By BILL LUNDQUIST
PORT ORFORD An illegal breach of Garrison Lake Monday night destroyed thousands of rainbow trout, said Oregon Department of Fish and Wildlife (ODFW) Biologist Russ Stauff Friday.
In recent weeks, ODFW had stocked the lake with 5,000 rainbow trout for what has traditionally been a childrens fishery.
Stauff said those fish have been lost, along with bird and amphibian nests in a vast area of wetland.
It was a pretty destructive act, he said, extremely destructive. A public resource was just hammered.
He said he would not waste thousands of dollars stocking the lake with fish again until the people of Port Orford could assure him that it would not be illegally breached again.
As for issuing state permits to legally breach the lake in times of flooding, Stauff said Mondays act has completely changed my take on it.
Stauff believes the lake was breached with shovels by two or three homeowners who had been threatened by rising waters during the winter.
It is highly likely that it was breached deliberately, said Stauff. It is exceedingly unlikely it was a natural breach.
He said there had been no large storms lately to raise the lake level, or wave action to break through the dunes standing between the lake and the sea.
By Friday, the breach appeared to be about the same size and volume as Pistol River. State parks officials were unavailable for comment Friday, but Stauff said they also believe it was an illegal breach.
Port Orford City Administrator Martha Weaver said someone called to say there were two people with shovels seen at the south end of the lake.
She said people are always trying to dig the lake out with shovels, but have little success.
She said there are rumors around town, but the city does not know if the breach was natural or man-made.
Stauff said, I was never comfortable with breaching the lake in the first place. A limited number of homes were affected by the flooding.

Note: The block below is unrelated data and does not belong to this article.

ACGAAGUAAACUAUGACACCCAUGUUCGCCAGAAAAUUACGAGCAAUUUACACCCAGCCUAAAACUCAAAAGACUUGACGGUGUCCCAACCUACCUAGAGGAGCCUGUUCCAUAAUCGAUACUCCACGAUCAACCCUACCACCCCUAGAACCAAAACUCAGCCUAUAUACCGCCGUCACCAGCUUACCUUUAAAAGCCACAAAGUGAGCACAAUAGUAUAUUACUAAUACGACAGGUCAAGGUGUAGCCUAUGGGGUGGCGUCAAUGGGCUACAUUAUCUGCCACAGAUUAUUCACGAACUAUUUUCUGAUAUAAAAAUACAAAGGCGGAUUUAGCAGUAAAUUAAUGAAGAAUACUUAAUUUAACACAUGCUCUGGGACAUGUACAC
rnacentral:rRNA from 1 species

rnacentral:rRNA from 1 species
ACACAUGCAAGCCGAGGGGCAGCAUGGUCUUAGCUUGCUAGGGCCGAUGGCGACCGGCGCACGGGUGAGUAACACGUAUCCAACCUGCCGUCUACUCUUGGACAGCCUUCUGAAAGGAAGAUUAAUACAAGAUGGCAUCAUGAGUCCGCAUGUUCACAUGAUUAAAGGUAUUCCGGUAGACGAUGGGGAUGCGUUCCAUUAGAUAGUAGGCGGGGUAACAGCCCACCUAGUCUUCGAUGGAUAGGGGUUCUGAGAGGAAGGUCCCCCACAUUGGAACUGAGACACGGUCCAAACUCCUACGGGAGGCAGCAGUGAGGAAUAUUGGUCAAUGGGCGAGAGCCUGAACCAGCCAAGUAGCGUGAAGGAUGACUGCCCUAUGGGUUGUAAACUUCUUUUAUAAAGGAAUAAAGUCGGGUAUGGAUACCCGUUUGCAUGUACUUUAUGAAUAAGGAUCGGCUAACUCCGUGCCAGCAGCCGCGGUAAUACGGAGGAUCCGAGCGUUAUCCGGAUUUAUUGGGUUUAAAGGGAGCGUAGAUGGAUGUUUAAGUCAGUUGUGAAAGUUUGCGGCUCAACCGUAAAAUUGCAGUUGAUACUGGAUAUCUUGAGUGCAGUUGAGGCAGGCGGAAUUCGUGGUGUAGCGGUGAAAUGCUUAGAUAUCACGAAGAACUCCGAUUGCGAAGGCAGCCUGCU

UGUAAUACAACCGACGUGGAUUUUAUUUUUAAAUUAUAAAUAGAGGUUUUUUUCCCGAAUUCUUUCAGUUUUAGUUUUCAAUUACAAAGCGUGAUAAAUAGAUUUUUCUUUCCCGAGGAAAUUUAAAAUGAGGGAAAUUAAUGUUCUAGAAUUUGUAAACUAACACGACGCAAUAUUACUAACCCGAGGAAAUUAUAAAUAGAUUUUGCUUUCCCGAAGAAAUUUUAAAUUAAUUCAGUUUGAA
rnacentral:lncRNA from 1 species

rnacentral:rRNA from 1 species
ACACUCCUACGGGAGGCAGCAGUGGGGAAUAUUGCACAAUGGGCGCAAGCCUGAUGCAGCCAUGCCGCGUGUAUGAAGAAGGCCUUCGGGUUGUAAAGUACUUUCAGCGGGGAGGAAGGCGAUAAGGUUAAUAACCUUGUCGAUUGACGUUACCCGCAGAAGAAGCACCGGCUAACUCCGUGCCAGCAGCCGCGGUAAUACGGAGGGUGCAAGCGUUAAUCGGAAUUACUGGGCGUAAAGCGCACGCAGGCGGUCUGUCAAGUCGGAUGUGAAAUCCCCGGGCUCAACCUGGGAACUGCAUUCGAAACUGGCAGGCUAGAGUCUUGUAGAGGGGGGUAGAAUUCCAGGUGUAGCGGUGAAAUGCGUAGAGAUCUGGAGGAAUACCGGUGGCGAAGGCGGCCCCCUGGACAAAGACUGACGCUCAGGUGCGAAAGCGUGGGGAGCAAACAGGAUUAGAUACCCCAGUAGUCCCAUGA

He said most of those homes were originally built with lower floors open to the lake.
As the lake went through a natural cycle of lower water, owners framed in the open areas and built rooms.
When the lake began to rise again, the owners made a lot of noise.
In what he called a knee-jerk reaction, state agencies issued permits for breaching, with the requirement that it be done no later than the middle of February.
By the middle of April, he said, the lake had been stocked with thousands of dollars worth of fish, and bird and amphibian nests were well established in the wetlands.
Stauff said a profile of the lake, done by Pacific State University, showed there was 9 feet of fresh water on top of heavier salt water.
He said all the fresh water has now been drained out of the lake, along with fresh water in the wetlands along the shore.
Those people really crossed a line with me, said Stauff. I was going along with it (the breaching permits), but this is a big resource damage issue.
He said if the breach had been made in the winter, the lake might have had time to refill itself.
It wont fill quickly now, he said. People will be looking at a decaying mud-flat for some time.
Regardless of the cost of the damage, however, Stauff said little can be done to the perpetrators.
He said none of the state agencies involved have an enforcement mechanism in place for such a crime.